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Frontiers in Microbiology



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© Copyright © 2021 Martin, Sundararajan, Ermi, Heron, Gonzales, Lee, Anguiano-Mendez, Schilkey, Pedraza-Reyes and Robleto. For several decades, Mfd has been studied as the bacterial transcription-coupled repair factor. However, recent observations indicate that this factor influences cell functions beyond DNA repair. Our lab recently described a role for Mfd in disulfide stress that was independent of its function in nucleotide excision repair and base excision repair. Because reports showed that Mfd influenced transcription of single genes, we investigated the global differences in transcription in wild-type and mfd mutant growth-limited cells in the presence and absence of diamide. Surprisingly, we found 1,997 genes differentially expressed in Mfd– cells in the absence of diamide. Using gene knockouts, we investigated the effect of genetic interactions between Mfd and the genes in its regulon on the response to disulfide stress. Interestingly, we found that Mfd interactions were complex and identified additive, epistatic, and suppressor effects in the response to disulfide stress. Pathway enrichment analysis of our RNASeq assay indicated that major biological functions, including translation, endospore formation, pyrimidine metabolism, and motility, were affected by the loss of Mfd. Further, our RNASeq findings correlated with phenotypic changes in growth in minimal media, motility, and sensitivity to antibiotics that target the cell envelope, transcription, and DNA replication. Our results suggest that Mfd has profound effects on the modulation of the transcriptome and on bacterial physiology, particularly in cells experiencing nutritional and oxidative stress.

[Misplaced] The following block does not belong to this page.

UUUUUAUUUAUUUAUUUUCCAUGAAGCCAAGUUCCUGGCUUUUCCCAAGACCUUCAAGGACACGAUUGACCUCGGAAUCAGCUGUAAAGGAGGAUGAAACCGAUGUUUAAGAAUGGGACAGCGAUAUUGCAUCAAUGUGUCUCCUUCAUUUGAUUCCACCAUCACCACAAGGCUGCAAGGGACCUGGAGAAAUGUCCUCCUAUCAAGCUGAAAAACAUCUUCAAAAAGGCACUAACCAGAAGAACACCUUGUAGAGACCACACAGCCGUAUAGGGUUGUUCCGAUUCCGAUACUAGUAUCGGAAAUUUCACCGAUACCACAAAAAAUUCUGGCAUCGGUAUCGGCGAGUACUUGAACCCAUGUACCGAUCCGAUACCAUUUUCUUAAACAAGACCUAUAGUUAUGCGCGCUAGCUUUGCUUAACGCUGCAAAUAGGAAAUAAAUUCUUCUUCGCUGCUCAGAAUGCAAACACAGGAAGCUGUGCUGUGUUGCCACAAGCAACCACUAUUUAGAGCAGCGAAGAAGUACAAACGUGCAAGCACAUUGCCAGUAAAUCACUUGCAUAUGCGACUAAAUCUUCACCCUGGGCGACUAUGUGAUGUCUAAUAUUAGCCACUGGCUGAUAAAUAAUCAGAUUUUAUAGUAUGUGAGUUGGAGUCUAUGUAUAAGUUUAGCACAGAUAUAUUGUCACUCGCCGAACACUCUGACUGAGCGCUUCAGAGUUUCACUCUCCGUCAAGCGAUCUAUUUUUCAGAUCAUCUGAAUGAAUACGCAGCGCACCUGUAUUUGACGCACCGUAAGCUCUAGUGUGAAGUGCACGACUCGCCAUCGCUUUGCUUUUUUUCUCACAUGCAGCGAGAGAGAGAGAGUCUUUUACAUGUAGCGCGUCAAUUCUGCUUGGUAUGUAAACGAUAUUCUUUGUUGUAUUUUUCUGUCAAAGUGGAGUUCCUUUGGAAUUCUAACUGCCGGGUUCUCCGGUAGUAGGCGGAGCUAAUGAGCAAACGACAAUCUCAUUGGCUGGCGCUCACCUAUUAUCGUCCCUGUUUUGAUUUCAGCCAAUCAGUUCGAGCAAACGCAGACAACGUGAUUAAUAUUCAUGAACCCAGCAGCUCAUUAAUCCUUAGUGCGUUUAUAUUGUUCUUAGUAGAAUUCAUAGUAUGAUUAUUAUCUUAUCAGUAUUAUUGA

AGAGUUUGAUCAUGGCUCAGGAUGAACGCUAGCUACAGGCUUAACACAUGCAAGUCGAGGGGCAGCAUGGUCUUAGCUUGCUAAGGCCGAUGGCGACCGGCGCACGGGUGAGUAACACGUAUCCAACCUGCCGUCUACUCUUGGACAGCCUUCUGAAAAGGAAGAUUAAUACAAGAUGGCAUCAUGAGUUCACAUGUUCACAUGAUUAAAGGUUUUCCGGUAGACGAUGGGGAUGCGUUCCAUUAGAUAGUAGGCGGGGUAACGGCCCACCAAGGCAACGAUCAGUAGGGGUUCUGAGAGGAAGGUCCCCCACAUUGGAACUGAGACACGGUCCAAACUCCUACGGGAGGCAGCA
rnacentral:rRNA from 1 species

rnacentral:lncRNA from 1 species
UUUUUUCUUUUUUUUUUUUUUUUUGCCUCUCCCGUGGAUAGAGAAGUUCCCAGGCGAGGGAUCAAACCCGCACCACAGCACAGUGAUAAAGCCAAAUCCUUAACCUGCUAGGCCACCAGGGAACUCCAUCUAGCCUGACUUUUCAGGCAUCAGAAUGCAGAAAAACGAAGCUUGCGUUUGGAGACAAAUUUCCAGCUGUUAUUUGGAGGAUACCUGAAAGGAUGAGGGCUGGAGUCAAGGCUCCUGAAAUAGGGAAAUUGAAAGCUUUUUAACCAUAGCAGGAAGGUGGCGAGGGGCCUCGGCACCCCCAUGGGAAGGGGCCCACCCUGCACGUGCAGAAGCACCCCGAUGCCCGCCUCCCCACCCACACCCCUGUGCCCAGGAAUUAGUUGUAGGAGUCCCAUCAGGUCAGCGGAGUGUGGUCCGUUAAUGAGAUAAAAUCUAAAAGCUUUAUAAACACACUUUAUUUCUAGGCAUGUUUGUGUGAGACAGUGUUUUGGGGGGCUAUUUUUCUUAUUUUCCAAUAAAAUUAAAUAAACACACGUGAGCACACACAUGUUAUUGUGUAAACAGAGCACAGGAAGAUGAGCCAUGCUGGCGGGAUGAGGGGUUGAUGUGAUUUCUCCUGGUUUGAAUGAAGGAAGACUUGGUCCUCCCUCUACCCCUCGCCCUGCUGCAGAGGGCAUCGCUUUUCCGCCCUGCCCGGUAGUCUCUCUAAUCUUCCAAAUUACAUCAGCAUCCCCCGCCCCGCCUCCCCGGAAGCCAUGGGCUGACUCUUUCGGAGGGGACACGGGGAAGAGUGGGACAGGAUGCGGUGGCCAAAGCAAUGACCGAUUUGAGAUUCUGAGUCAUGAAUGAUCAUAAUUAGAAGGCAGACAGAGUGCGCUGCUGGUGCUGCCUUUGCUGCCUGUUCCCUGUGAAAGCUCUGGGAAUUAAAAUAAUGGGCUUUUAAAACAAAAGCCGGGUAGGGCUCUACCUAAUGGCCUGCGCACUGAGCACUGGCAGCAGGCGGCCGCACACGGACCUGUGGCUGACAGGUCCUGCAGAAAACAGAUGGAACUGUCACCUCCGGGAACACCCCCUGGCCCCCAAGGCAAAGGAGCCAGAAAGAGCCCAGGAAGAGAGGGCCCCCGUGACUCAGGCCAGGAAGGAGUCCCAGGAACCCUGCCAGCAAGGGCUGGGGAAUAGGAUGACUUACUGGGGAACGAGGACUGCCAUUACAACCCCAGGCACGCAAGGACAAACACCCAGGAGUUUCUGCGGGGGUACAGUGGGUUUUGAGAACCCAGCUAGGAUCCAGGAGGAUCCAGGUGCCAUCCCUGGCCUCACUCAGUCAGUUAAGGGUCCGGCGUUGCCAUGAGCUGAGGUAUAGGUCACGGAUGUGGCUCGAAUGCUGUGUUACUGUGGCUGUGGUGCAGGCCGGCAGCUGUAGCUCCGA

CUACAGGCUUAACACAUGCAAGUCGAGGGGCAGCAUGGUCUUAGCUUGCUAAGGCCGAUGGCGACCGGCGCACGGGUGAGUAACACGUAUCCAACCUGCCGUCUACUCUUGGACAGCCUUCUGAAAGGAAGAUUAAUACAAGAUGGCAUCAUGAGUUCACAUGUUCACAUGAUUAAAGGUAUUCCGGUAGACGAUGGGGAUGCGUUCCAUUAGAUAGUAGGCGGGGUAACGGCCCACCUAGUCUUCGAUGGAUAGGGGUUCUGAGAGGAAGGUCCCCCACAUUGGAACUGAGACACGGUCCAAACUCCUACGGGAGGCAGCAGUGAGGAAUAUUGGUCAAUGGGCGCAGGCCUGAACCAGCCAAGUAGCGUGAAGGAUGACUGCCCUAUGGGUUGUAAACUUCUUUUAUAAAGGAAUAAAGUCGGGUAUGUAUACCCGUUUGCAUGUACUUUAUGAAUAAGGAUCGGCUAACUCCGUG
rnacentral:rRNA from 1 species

Bacillus; Oxidative stress; Protein oxidation; Stationary-phase; Transcription-coupled repair


Bacteriology | Microbial Physiology

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Creative Commons Attribution 4.0 License
This work is licensed under a Creative Commons Attribution 4.0 License.

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